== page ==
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 Home Modifications/Equipment/Furnishings 
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Joined: Fri Aug 11, 2006 1:46 pm
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Location: SF Bay Area (Northern CA)
Post Home Modifications/Equipment/Furnishings
This Q&A appeared today on the Parkinson's Disease Foundation website, "Ask the Expert" page. The expert gives some suggestions for home modification, useful equipment, furnishings, etc.

Q: ...Would you steer me towards some of the solutions that I have heard that others have used to modify their homes (such as self flushing toilettes, phone dialers, etc.). My specialty is in computer access and I have many ways to accomplish that but am looking into tried and true devices, designs, and methods that work. (J. M.).

A: I’ll try to offer some suggestions room-by-room.

Bathroom: Grab-bars next to the toilet (with a raised toilet seat) and in the bathtub or shower area. Add a seat in the bathtub or shower so the patient can sit while bathing. Lower the sink and mirror so that a seated person can shave, put on make-up or brush the teeth. Use non-slip, stick-on decals (rather than a bathmat) in the tub and just outside the tub to help prevent slipping while wet. Add a nightlight so no one has to enter the bathroom in total darkness.

Bedroom: Add ¼ -bed length grab-rails near the head of the bed or an overhead trapeze pull-up for patient who may have difficulties sitting up and getting out of bed unaided. Use a bedside commode or hand-held urinal to eliminate the need to go all the way to the bathroom during the night. There are all sorts of dressing aids available to help get shoes and socks on, trousers pulled up, etc. Take favorite clothes to a good seamstress to eliminate buttons or difficult-to-use zippers and use Velcro closings instead. Add a nightlight so the patient is not in total darkness or to eliminate shadows for the confused or hallucinating patient.

Living room: Make sure the patient has a solid chair with sturdy arms and a firm but comfortable seat to sit in. Something that is too soft or allows the patient to sink too far into it will make getting up independently very difficult. Have a telephone with oversized push buttons or is voice activated for the patient who cannot easily use a more regular sized phone. A cordless phone carried in the pocket can assure the patient never gets into a situation where he/she needs help but can’t summon that help. Lamps with twist-type switches can have these switches easily changed with clip-on pull switches or one can use the Clapper to turn lights on and off more easily. Get rid of throw rugs that can trip a patient who shuffles and eliminate any glass coffee tables or end tables so if the patient does fall, he’s not falling into furniture that will cut him up. Eliminate swinging doors between rooms. If possible, eliminate door sills so that a wheelchair or wheeled-walker can easily pass through the doorway.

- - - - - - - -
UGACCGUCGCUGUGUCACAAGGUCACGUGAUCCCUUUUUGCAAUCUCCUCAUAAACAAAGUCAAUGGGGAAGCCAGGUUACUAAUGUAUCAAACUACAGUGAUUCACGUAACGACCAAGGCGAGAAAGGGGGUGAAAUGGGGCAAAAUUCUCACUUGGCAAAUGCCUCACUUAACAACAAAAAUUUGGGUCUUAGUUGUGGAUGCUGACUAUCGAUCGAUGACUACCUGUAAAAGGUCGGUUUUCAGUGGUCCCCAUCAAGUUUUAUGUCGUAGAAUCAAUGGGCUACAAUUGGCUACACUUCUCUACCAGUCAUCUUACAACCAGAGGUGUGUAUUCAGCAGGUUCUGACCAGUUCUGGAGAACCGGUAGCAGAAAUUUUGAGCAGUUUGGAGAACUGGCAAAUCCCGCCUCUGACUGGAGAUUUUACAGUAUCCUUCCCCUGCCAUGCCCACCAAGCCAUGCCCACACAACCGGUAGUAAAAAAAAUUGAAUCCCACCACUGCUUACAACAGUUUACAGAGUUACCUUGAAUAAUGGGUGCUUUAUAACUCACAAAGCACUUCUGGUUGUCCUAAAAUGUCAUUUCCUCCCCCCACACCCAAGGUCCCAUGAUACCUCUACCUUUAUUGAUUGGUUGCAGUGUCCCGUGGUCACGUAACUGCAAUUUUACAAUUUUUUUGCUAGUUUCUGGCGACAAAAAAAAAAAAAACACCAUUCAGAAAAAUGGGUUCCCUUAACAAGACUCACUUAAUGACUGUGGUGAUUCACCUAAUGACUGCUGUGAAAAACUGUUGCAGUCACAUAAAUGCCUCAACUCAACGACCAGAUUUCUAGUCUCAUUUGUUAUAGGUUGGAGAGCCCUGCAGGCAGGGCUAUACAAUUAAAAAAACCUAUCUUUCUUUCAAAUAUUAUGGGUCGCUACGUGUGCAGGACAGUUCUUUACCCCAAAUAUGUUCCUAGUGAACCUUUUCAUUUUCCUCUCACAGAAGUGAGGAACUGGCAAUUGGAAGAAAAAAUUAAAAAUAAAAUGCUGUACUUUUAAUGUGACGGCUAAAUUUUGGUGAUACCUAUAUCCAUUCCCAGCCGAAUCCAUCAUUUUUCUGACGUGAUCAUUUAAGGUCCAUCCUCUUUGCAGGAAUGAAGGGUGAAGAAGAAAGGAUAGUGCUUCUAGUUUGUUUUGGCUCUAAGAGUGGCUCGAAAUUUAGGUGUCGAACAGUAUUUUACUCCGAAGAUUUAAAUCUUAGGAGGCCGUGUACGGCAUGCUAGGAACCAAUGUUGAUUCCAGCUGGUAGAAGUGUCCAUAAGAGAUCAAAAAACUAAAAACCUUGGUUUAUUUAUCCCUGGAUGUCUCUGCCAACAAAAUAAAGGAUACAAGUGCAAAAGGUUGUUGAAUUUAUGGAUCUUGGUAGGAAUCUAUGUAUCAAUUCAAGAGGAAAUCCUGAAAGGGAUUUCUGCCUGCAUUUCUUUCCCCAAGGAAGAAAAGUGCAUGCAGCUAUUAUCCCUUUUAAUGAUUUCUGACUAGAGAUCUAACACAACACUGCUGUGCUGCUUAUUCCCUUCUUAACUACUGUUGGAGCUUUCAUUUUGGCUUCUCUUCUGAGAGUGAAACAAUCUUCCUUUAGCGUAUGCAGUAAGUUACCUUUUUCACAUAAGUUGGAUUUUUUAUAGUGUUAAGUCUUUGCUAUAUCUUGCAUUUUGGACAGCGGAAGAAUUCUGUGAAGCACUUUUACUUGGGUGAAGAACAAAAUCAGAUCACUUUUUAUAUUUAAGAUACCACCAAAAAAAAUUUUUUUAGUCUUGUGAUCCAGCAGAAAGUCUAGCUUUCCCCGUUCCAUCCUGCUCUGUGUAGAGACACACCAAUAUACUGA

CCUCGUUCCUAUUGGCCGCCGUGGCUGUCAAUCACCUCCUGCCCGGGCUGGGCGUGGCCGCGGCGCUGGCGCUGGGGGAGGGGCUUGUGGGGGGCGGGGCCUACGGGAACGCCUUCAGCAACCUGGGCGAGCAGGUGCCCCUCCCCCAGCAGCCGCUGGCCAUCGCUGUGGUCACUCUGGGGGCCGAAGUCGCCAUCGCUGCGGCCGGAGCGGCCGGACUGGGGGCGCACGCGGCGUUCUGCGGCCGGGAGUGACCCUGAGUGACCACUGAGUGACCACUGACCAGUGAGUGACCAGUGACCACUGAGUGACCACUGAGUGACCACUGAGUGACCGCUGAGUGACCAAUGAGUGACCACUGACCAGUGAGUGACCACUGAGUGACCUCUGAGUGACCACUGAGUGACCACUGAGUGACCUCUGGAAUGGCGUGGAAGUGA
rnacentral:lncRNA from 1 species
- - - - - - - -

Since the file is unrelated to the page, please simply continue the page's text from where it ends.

Kitchen: There are all types of eating and/or cooking utensils that can be used – with thicker or differently shaped handled forks and knives, footed plates that don’t slide, plates with rims so the food isn’t pushed off the plate, non-spilling cups/glasses, etc. An angled mirror over the stove so the patient who is stooped over or in a wheelchair can see what’s cooking at the back of the stove. Reach extenders can help to bring lighter-weighted items from high shelves without having to use a step-stool or ladder. Again, have a sturdy, wide-based, arm chair for the patient to use. Use wheeled carts to move heavier items from one part of the kitchen to another or from kitchen to dining room. Use the same stick-on, non-slip decals used in the bathroom in front of the sink so if water splashes on the floor, the patient will not slip.

House-wide: Keep rechargeable flashlights handy rather than using candles if there is a power shortage. Add grab-rails in long hallways with light switches at both ends (so the patient never has to walk in the dark). If the patient experiences any confusion, lock up items he/she should not be using alone – power tools, knives, medications, cleaning fluids, etc. and lock up rooms the patient should not be in alone (garages, basements, attics). Put a bell on outside doors so the patient cannot wander outside without others knowing he’s leaving. Use sturdy gates at stairs heads to prevent a confused patient from falling.

I hope these suggestions help. There are so many different options depending on the abilities/limitations that could be included. A conversation with an occupational therapist could suggest other possibilities.

Mon Sep 15, 2008 10:16 pm
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